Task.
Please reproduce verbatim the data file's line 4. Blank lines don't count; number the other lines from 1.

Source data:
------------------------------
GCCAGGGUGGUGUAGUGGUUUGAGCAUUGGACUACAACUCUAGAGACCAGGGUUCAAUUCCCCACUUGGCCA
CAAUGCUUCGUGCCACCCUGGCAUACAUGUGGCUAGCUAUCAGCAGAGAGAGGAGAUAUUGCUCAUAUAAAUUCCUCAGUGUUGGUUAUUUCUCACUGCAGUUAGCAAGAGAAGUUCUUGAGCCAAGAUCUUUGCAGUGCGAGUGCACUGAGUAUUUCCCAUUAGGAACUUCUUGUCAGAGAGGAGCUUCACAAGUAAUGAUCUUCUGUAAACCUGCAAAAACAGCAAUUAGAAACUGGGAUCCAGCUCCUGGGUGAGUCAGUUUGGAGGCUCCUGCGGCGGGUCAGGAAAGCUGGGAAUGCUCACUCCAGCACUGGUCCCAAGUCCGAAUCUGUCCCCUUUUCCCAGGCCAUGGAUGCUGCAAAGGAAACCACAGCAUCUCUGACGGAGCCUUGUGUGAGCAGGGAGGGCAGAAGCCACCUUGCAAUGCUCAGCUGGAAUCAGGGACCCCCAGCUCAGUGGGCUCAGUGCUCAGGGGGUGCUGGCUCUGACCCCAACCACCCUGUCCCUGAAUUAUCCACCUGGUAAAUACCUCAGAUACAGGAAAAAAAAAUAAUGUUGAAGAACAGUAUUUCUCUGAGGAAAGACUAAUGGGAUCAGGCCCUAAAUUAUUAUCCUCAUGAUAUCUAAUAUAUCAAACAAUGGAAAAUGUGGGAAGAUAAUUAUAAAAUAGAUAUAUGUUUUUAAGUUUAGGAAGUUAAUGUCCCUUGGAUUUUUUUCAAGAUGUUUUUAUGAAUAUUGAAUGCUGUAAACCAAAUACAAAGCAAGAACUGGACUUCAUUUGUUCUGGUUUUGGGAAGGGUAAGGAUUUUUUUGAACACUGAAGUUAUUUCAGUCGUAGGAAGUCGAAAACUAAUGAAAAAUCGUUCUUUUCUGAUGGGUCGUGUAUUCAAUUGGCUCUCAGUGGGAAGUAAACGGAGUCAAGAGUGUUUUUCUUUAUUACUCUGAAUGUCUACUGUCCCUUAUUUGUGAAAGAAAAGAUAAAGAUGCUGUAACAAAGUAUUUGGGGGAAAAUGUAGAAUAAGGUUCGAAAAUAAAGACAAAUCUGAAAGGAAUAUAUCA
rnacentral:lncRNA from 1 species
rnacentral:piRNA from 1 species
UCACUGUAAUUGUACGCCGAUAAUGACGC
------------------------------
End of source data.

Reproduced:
rnacentral:piRNA from 1 species